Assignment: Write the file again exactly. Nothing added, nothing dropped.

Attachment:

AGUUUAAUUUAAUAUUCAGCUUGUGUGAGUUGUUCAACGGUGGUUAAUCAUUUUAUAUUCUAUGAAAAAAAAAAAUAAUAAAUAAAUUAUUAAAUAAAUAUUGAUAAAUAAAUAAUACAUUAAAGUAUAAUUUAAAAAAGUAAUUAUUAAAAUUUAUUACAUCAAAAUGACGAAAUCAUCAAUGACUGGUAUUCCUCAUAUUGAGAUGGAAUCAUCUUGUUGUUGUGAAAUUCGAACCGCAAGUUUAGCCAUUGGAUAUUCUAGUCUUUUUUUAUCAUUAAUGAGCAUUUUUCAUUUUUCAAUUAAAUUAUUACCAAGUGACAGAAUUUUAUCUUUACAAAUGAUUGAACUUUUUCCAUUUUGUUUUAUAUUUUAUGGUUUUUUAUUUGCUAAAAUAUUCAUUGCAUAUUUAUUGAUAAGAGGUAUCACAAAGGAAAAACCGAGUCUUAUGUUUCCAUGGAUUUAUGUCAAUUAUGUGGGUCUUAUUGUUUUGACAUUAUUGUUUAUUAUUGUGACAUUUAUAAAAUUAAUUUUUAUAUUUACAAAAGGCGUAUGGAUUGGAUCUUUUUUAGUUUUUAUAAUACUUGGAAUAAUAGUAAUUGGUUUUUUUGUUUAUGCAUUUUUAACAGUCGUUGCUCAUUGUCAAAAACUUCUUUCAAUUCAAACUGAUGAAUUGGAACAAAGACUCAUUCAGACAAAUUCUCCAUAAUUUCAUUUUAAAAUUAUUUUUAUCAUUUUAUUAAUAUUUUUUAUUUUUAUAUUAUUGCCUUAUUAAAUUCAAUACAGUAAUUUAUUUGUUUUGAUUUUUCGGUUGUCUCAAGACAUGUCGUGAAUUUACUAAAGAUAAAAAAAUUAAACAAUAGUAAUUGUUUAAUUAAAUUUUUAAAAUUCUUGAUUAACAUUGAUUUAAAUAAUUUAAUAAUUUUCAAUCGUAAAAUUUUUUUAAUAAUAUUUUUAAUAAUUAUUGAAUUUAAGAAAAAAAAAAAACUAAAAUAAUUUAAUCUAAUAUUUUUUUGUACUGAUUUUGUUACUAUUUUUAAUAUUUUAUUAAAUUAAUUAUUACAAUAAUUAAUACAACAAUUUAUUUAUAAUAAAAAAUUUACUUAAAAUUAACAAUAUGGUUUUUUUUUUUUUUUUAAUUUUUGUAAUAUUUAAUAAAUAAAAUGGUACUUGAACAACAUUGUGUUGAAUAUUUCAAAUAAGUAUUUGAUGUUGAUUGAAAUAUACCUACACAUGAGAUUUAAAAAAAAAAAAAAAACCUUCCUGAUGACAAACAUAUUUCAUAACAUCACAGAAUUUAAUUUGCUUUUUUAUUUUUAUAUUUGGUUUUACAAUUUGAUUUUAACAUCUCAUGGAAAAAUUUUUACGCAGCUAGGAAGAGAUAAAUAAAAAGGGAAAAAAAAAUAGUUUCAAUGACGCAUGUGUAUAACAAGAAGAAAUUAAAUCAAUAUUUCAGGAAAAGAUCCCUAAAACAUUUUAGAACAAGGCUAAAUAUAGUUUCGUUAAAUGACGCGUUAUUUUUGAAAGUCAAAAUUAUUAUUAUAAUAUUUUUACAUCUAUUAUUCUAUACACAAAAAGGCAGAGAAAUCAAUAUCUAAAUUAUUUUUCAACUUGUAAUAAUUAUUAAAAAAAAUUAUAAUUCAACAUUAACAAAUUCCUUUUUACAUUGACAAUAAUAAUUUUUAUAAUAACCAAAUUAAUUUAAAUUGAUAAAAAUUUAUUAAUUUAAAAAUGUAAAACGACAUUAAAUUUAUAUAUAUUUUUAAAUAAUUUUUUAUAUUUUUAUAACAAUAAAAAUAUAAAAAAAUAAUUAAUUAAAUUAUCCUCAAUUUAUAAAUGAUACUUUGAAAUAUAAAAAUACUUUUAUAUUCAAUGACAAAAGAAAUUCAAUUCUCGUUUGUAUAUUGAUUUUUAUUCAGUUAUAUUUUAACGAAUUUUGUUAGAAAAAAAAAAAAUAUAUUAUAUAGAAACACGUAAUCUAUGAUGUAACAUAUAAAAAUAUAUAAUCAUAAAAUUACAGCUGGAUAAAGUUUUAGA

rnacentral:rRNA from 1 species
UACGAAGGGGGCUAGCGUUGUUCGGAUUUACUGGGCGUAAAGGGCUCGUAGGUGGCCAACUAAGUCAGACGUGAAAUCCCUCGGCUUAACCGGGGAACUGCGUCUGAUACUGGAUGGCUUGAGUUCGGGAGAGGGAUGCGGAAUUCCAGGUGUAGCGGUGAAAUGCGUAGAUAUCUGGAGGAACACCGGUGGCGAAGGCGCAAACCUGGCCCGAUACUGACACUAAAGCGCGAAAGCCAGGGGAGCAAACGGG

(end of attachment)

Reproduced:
AGUUUAAUUUAAUAUUCAGCUUGUGUGAGUUGUUCAACGGUGGUUAAUCAUUUUAUAUUCUAUGAAAAAAAAAAAUAAUAAAUAAAUUAUUAAAUAAAUAUUGAUAAAUAAAUAAUACAUUAAAGUAUAAUUUAAAAAAGUAAUUAUUAAAAUUUAUUACAUCAAAAUGACGAAAUCAUCAAUGACUGGUAUUCCUCAUAUUGAGAUGGAAUCAUCUUGUUGUUGUGAAAUUCGAACCGCAAGUUUAGCCAUUGGAUAUUCUAGUCUUUUUUUAUCAUUAAUGAGCAUUUUUCAUUUUUCAAUUAAAUUAUUACCAAGUGACAGAAUUUUAUCUUUACAAAUGAUUGAACUUUUUCCAUUUUGUUUUAUAUUUUAUGGUUUUUUAUUUGCUAAAAUAUUCAUUGCAUAUUUAUUGAUAAGAGGUAUCACAAAGGAAAAACCGAGUCUUAUGUUUCCAUGGAUUUAUGUCAAUUAUGUGGGUCUUAUUGUUUUGACAUUAUUGUUUAUUAUUGUGACAUUUAUAAAAUUAAUUUUUAUAUUUACAAAAGGCGUAUGGAUUGGAUCUUUUUUAGUUUUUAUAAUACUUGGAAUAAUAGUAAUUGGUUUUUUUGUUUAUGCAUUUUUAACAGUCGUUGCUCAUUGUCAAAAACUUCUUUCAAUUCAAACUGAUGAAUUGGAACAAAGACUCAUUCAGACAAAUUCUCCAUAAUUUCAUUUUAAAAUUAUUUUUAUCAUUUUAUUAAUAUUUUUUAUUUUUAUAUUAUUGCCUUAUUAAAUUCAAUACAGUAAUUUAUUUGUUUUGAUUUUUCGGUUGUCUCAAGACAUGUCGUGAAUUUACUAAAGAUAAAAAAAUUAAACAAUAGUAAUUGUUUAAUUAAAUUUUUAAAAUUCUUGAUUAACAUUGAUUUAAAUAAUUUAAUAAUUUUCAAUCGUAAAAUUUUUUUAAUAAUAUUUUUAAUAAUUAUUGAAUUUAAGAAAAAAAAAAAACUAAAAUAAUUUAAUCUAAUAUUUUUUUGUACUGAUUUUGUUACUAUUUUUAAUAUUUUAUUAAAUUAAUUAUUACAAUAAUUAAUACAACAAUUUAUUUAUAAUAAAAAAUUUACUUAAAAUUAACAAUAUGGUUUUUUUUUUUUUUUUAAUUUUUGUAAUAUUUAAUAAAUAAAAUGGUACUUGAACAACAUUGUGUUGAAUAUUUCAAAUAAGUAUUUGAUGUUGAUUGAAAUAUACCUACACAUGAGAUUUAAAAAAAAAAAAAAAACCUUCCUGAUGACAAACAUAUUUCAUAACAUCACAGAAUUUAAUUUGCUUUUUUAUUUUUAUAUUUGGUUUUACAAUUUGAUUUUAACAUCUCAUGGAAAAAUUUUUACGCAGCUAGGAAGAGAUAAAUAAAAAGGGAAAAAAAAAUAGUUUCAAUGACGCAUGUGUAUAACAAGAAGAAAUUAAAUCAAUAUUUCAGGAAAAGAUCCCUAAAACAUUUUAGAACAAGGCUAAAUAUAGUUUCGUUAAAUGACGCGUUAUUUUUGAAAGUCAAAAUUAUUAUUAUAAUAUUUUUACAUCUAUUAUUCUAUACACAAAAAGGCAGAGAAAUCAAUAUCUAAAUUAUUUUUCAACUUGUAAUAAUUAUUAAAAAAAAUUAUAAUUCAACAUUAACAAAUUCCUUUUUACAUUGACAAUAAUAAUUUUUAUAAUAACCAAAUUAAUUUAAAUUGAUAAAAAUUUAUUAAUUUAAAAAUGUAAAACGACAUUAAAUUUAUAUAUAUUUUUAAAUAAUUUUUUAUAUUUUUAUAACAAUAAAAAUAUAAAAAAAUAAUUAAUUAAAUUAUCCUCAAUUUAUAAAUGAUACUUUGAAAUAUAAAAAUACUUUUAUAUUCAAUGACAAAAGAAAUUCAAUUCUCGUUUGUAUAUUGAUUUUUAUUCAGUUAUAUUUUAACGAAUUUUGUUAGAAAAAAAAAAAAUAUAUUAUAUAGAAACACGUAAUCUAUGAUGUAACAUAUAAAAAUAUAUAAUCAUAAAAUUACAGCUGGAUAAAGUUUUAGA

rnacentral:rRNA from 1 species
UACGAAGGGGGCUAGCGUUGUUCGGAUUUACUGGGCGUAAAGGGCUCGUAGGUGGCCAACUAAGUCAGACGUGAAAUCCCUCGGCUUAACCGGGGAACUGCGUCUGAUACUGGAUGGCUUGAGUUCGGGAGAGGGAUGCGGAAUUCCAGGUGUAGCGGUGAAAUGCGUAGAUAUCUGGAGGAACACCGGUGGCGAAGGCGCAAACCUGGCCCGAUACUGACACUAAAGCGCGAAAGCCAGGGGAGCAAACGGG